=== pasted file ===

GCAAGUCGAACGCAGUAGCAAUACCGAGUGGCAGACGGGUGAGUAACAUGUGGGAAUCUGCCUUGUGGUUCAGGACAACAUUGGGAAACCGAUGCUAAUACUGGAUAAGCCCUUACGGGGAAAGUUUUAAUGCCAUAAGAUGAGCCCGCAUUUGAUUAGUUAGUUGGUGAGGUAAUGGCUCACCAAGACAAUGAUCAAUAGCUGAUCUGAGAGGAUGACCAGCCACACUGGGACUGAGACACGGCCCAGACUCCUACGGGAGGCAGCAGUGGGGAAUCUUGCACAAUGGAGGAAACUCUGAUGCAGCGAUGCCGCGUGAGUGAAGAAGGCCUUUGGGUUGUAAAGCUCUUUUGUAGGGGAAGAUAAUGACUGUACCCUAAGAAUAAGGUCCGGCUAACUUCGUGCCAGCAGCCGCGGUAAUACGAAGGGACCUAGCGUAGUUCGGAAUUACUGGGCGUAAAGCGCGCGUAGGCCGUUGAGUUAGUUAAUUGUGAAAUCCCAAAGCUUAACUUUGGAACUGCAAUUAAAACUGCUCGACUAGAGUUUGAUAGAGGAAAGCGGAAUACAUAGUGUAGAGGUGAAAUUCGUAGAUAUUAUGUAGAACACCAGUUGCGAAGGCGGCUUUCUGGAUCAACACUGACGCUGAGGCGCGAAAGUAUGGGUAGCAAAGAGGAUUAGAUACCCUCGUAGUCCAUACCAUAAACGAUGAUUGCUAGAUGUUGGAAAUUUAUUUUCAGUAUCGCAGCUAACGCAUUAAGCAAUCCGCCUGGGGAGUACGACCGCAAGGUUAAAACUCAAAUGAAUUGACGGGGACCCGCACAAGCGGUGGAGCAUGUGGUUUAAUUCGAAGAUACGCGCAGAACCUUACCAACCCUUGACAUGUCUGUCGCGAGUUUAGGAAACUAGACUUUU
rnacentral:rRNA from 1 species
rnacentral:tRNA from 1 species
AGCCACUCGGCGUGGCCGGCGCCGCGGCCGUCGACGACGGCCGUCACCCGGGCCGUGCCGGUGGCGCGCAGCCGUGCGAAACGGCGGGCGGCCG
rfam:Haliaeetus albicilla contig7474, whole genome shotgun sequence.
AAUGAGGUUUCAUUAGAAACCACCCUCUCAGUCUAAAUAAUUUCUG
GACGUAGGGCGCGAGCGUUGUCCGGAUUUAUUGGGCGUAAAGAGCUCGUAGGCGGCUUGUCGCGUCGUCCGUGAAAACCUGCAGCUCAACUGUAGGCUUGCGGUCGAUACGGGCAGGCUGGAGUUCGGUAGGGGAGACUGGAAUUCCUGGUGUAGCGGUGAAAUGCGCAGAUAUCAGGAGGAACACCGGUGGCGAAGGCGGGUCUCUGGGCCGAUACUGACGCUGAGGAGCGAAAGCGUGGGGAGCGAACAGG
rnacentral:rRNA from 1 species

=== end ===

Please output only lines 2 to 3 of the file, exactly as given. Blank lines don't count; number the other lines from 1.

rnacentral:rRNA from 1 species
rnacentral:tRNA from 1 species